Edited 28th January 2013.
The introduction of the field hockey self pass threw up some issues during the experimental stage which were coped with on the spot during the Experiment Period by the introduction of what was seen to be a ‘common sense interpretation’ – an ‘interpretation’ which restricted the actions of any opponent who was with 5m of the ball when a self pass was taken.
I strongly disagree that such restrictions are an appropriate way of dealing with retreating defenders ‘caught’ within 5m of the ball when a self-pass is taken – but I have written about that elsewhere in this blog – this article is about the use by umpires of the advice given in the Umpire Manager’s Briefings for Umpires at FIH Tournaments (i.e International level hockey) to introduce Rule Guidance and even new Rule to the Rules of Hockey as ‘interpretation’.
I use here the briefing notes about the Free-Hit (which I always refer to as a free or a free-ball because the penalty is not necessarily executed with a hit) from the UMB as a recent example of this practice.
The Umpire Manager’s briefing for Umpires.
•All opponents must be at least 5 metres from the ball
•For free hits awarded to the attack within their attacking 23 metre area -all players must be at least 5 metres from the ball
In all situations -if taken quickly and a player is within 5 metres of the ball but is not playing, attempting to play the ball or influencing play, the taking of the free hit does not need to be delayed; this same player can play, attempt to play the ball or try to influence play, once the ball has travelled 5 metres –be consistent in your judgment of this.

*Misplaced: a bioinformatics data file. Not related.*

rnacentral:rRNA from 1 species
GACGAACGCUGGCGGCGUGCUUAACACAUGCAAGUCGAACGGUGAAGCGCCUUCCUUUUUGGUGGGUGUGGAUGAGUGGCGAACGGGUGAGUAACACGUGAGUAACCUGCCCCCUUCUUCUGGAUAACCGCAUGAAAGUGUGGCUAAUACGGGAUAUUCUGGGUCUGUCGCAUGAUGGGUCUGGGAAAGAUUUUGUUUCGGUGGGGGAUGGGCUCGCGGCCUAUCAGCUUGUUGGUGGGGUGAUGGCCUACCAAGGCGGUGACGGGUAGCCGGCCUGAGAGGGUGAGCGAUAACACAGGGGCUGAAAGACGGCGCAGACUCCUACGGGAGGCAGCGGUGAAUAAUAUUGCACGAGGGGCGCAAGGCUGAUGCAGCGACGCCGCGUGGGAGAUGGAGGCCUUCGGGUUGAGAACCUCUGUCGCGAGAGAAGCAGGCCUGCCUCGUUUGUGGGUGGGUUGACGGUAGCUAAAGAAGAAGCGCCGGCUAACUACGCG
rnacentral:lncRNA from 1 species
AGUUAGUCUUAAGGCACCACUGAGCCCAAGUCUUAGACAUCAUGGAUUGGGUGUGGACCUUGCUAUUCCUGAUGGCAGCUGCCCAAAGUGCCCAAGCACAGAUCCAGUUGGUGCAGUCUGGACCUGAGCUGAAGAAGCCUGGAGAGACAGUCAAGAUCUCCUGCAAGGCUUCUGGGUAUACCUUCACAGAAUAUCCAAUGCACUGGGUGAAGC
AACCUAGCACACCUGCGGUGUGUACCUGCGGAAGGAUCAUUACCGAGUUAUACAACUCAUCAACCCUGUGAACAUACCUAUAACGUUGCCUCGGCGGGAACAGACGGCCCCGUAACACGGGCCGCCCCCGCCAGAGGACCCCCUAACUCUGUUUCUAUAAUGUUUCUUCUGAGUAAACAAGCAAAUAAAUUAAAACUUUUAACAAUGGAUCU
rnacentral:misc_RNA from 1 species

•Attacking free hits awarded within 5 metres of the circle are taken back to the nearest point 5 metres from the circle.
The Rules of Hockey
Rule 13.2 Procedures for taking a free hit, centre pass and putting the ball back into play after it has been outside the field :
All parts of this Rule apply as appropriate to a free hit, centre pass and putting the ball back into play after it has been outside the field.
a the ball must be stationary
b opponents must be at least 5 metres from the ball
If an opponent is within 5 metres of the ball, they must not interfere with the taking of the free hit or must not play or attempt to play the ball. If this player is not playing the ball, attempting to play the ball or influencing play, the free hit need not be delayed.
c when a free hit is awarded to the attack within the 23 metres area, all players other than the player taking the free hit must be at least 5 metres from the ball